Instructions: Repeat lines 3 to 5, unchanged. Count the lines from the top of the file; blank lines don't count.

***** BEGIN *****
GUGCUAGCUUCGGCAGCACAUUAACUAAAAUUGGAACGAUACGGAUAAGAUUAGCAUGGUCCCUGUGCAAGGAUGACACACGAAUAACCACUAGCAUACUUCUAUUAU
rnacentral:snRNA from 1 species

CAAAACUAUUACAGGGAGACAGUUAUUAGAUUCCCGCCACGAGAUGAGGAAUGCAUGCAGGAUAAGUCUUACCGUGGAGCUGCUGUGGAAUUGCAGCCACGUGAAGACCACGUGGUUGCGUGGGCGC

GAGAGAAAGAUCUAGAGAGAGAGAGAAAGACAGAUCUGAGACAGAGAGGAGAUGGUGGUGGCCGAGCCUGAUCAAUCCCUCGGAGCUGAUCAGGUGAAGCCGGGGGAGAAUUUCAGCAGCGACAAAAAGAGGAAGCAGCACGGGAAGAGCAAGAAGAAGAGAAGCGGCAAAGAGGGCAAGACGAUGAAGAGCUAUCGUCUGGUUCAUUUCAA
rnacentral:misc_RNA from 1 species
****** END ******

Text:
CAAAACUAUUACAGGGAGACAGUUAUUAGAUUCCCGCCACGAGAUGAGGAAUGCAUGCAGGAUAAGUCUUACCGUGGAGCUGCUGUGGAAUUGCAGCCACGUGAAGACCACGUGGUUGCGUGGGCGC

GAGAGAAAGAUCUAGAGAGAGAGAGAAAGACAGAUCUGAGACAGAGAGGAGAUGGUGGUGGCCGAGCCUGAUCAAUCCCUCGGAGCUGAUCAGGUGAAGCCGGGGGAGAAUUUCAGCAGCGACAAAAAGAGGAAGCAGCACGGGAAGAGCAAGAAGAAGAGAAGCGGCAAAGAGGGCAAGACGAUGAAGAGCUAUCGUCUGGUUCAUUUCAA
rnacentral:misc_RNA from 1 species